Yesterday Norma Jean and I worshiped with the brethren at the Valrico church where I taught the Bible class and preached at the morning service.
It was wonderful to return to a church we’ve visited many times in the past and held meetings. I remember when the church began. My parents were a part of the original group when the church was planted. Several of those brethren are still there.
It was a pleasure to renew our association with them and to make new friends. I was reminded of the vastness of the brotherhood when we met young people who were from Kentucky, Texas, and Oregon with whom we shared common friendships.
Last night we visited the Temple Terrace congregation and not only saw folks we’ve known a long time but had connections with mutual friends around the country and even into Canada.
When we came back to our temporary home in Temple Terrace, I wondered how many churches we’ve visited in the past 21 months we’ve been traveling. If my count is correct, we’ve worshiped with 35 different congregations. Most in the United States. But several in Canada, as well as Costa Rica, Greece, and Italy.
This morning brotherhood is on my mind.
The New Testament speaks of “the brotherhood” only twice. And both times in Peter’s first epistle.
As he reminded the scattered Christians of their duties in various relationships, he exhorted, “Honor all people. Love the brotherhood. Fear God. Honor the king. (1 Peter 2:17)
Then following his admonition to be on guard for the Devil’s advances, he warned, “Resist him, firm in your faith, knowing that the same kinds of suffering are being experienced by your brotherhood throughout the world. (1 Peter 5:9)
The word, “brotherhood, ” according to Greek scholars Vine and Thayer, means “a band of brothers.” “A feeling of brotherliness.” “The Christian fraternity. “ ”A fellow believer, united to another by the bond of affection; most frequently spoken of Christians, constituting as it were but a single family.” “Denotes “a brother, or near kinsman;” in the plural, “a community based on the identity of the origin of life.” The verb used in 1 Peter 2:17 calls for constant, continued action.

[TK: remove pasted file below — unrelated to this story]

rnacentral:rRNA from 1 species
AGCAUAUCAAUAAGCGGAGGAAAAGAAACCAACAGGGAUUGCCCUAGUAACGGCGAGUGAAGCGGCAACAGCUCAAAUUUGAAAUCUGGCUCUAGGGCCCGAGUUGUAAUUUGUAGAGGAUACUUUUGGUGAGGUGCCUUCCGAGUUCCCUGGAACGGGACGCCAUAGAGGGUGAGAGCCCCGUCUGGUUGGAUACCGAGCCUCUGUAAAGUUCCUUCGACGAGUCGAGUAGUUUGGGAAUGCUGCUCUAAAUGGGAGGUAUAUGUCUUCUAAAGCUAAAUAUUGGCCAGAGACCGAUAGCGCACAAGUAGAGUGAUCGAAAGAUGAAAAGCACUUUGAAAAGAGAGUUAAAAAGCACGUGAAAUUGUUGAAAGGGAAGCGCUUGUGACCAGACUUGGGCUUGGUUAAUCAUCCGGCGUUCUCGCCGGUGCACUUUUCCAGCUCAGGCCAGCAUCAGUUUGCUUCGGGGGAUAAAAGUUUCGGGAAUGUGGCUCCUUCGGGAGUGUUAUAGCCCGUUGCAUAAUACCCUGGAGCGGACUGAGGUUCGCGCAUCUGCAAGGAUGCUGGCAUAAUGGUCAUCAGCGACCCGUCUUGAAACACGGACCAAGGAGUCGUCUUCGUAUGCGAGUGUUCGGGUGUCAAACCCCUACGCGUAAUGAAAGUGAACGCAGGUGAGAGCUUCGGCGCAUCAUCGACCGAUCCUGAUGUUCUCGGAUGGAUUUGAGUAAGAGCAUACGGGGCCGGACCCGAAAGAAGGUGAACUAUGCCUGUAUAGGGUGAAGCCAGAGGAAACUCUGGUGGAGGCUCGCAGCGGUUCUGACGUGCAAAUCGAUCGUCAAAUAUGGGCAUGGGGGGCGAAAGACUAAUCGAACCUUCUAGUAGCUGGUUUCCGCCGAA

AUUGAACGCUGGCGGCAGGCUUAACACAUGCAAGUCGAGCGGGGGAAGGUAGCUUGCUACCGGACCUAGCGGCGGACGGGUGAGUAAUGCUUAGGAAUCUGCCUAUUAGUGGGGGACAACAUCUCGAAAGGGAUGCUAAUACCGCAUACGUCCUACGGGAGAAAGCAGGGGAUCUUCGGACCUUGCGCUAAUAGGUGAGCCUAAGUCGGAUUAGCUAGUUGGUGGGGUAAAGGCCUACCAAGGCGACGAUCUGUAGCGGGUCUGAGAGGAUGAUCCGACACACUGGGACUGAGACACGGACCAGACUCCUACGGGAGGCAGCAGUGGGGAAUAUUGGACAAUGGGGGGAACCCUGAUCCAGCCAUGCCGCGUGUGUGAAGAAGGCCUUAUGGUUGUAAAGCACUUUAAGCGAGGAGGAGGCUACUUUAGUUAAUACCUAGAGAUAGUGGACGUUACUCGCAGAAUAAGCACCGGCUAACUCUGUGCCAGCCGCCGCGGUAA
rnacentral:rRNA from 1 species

It’s interesting that the brotherhood is singled out for particular attention. While it’s true that New Testament churches are independent, autonomous, and self-governing, there ought to be a bond of affinity and affection among all believers. In an age of independence and self-assertiveness, there’s too much isolation from others who share in the common faith.
I remember as a youngster going with my parents to visit churches in the Indianapolis area. As a result, I became acquainted with other believers. Acquired new friends. And developed relationships that continue until this day.
In my view, there’s a little too much criticism of the brotherhood. And in the brotherhood. I hear pejorative comments people make about brethren. I see posts on facebook about believers and among fellow Christians that make me cringe. Peter’s admonition to “love the brotherhood” has never been more important. Think about what brotherhood means.
We are sharers of the one faith.
We are fellow travelers walking the same road.
We are co-workers in God’s Vineyard.
We are partners in the common salvation.
We are partakers of the Divine Nature.
We are companions of Christ’s suffering.
We are citizens of the same Kingdom.
We are comrades in the fight against Satan.
We are members of God’s Family.
We are participants of the same spiritual blessings.
We are heirs together of an eternal heavenly heritage.
Is the brotherhood perfect? No, because I’m part of it! And so are you! We fall short. Make mistakes. Require forgiveness. Need grace. And beg for mercy. We are all a work in progress. But I thank God for the brotherhood. And appreciate the kindness, encouragement, and generosity of brethren we are privileged to fellowship.
I once heard a person relate to Dee Bowman about the surprise of meeting a fellow Christian they knew in a state different than where they both lived. They remarked, “It’s a small world.” But Dee quipped, “No. It’s a big brotherhood.”
Yes, it is.
Thank God for the brotherhood.
–Ken Weliever, The Preacherman